This five-step model might be a useful starting point for your students to consider every time they embark on some research. It can be a worthwhile exercise to add this extra step in between giving a student a task (or choice of tasks) and sending them off to research.
You could have a class discussion or small group conferences on brainstorming keywords, considering synonyms or alternative phrases, generating questions etc. Time spent defining the task can lead to a more effective and streamlined research process.
Being literate in this way is an essential life skill.
This post offers tips and suggestions on how to approach this big topic.
Students could head straight to a site they’ve used before (or choose from a small number of teacher suggested sites).
There’s a lot to be learned just from finding, filtering, and using information found on various websites. Students first need to take a moment to consider what information they’re actually looking for in their searches.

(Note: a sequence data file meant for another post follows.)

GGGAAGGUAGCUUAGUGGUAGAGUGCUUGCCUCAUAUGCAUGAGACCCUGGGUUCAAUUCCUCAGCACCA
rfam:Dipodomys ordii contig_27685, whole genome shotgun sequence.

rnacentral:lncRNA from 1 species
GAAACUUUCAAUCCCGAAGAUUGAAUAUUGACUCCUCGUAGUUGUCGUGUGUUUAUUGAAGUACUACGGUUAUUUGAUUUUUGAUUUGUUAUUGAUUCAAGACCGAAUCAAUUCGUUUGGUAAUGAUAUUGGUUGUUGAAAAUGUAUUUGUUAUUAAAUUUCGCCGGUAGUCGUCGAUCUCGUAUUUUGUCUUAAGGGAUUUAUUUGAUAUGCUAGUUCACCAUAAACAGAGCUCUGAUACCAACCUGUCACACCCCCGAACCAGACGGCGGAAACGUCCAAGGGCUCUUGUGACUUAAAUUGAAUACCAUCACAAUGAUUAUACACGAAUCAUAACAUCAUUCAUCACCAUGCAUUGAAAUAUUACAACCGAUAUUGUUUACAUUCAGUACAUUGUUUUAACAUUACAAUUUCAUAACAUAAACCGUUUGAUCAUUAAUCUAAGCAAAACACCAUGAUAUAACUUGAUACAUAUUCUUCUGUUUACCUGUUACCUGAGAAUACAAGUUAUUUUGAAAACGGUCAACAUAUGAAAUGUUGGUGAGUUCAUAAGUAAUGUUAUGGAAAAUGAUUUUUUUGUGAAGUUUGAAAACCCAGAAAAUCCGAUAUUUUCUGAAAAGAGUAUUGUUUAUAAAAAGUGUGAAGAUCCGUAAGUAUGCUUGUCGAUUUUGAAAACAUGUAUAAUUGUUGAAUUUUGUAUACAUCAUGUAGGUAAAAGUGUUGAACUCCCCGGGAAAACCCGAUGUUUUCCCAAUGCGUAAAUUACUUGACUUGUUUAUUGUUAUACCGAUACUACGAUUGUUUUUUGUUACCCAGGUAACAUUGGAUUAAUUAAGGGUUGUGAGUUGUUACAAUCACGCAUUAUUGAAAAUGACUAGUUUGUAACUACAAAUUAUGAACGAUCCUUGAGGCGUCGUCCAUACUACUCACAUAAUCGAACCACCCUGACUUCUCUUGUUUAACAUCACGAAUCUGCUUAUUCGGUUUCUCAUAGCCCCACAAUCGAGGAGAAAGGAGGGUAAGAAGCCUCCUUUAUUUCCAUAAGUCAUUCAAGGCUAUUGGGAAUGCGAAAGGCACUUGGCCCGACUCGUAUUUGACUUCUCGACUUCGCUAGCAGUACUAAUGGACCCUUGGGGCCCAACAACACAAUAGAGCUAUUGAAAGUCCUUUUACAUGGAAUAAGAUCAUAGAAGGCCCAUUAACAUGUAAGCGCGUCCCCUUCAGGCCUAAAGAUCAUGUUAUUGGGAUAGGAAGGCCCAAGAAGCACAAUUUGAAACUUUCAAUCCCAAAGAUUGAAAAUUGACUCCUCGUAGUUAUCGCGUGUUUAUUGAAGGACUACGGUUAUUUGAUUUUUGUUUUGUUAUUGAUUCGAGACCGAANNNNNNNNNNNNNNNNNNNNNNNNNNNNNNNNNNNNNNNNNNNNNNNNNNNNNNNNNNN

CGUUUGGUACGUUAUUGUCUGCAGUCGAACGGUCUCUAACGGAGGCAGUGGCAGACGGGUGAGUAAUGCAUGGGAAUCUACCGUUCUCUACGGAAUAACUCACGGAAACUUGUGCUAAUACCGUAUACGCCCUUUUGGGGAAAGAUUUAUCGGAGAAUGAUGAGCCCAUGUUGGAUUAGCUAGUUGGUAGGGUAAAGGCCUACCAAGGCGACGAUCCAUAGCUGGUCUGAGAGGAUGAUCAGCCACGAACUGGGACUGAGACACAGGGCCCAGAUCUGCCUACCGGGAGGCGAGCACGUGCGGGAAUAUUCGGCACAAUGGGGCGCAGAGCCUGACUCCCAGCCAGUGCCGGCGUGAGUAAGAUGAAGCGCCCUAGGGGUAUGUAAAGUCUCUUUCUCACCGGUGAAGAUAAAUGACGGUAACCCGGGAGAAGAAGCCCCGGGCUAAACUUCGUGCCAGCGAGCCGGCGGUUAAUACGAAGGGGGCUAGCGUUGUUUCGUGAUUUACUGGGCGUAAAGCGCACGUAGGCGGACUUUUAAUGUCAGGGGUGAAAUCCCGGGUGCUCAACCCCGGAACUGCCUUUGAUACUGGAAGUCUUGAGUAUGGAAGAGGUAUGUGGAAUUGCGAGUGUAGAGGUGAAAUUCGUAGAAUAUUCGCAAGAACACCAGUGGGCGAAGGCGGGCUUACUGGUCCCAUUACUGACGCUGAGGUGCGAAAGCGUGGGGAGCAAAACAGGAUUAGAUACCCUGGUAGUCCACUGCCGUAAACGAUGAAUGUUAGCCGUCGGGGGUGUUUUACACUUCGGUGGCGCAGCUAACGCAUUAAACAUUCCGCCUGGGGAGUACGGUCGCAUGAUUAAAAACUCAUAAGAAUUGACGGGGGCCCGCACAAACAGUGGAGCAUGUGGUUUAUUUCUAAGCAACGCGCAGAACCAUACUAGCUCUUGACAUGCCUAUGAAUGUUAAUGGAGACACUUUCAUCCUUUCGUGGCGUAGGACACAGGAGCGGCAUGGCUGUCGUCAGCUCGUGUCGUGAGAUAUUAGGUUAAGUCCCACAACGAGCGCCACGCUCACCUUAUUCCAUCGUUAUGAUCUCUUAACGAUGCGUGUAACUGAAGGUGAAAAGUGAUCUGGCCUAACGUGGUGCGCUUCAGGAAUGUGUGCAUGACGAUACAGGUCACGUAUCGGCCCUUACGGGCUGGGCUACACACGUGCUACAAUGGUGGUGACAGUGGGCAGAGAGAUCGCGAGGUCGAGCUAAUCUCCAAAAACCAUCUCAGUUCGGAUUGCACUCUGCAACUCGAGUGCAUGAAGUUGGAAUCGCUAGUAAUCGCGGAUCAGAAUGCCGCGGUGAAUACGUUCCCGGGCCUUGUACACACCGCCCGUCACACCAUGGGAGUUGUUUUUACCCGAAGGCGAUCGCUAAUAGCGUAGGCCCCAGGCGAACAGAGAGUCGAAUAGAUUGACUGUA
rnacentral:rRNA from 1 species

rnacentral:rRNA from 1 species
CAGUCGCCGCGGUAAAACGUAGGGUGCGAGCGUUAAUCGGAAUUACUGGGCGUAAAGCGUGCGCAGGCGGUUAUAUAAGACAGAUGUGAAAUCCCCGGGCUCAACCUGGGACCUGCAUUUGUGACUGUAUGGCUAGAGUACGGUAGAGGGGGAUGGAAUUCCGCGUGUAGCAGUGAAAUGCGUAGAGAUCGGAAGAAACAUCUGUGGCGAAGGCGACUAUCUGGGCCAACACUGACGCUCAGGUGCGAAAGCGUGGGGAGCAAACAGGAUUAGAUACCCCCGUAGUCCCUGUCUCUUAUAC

Dan and his colleagues had their students spend a day rotating around different activities to learn more about research skills. If you teach young students you might be wondering what the best starting place is.
I’ve only ever used Google with students but I know many teachers like to start with search engines designed for children.
You want your students to go online and do some research for some sort of project, essay, story, presentation etc.
Time ticks away, students are busy searching and clicking, but are they finding the useful and accurate information they need for their project?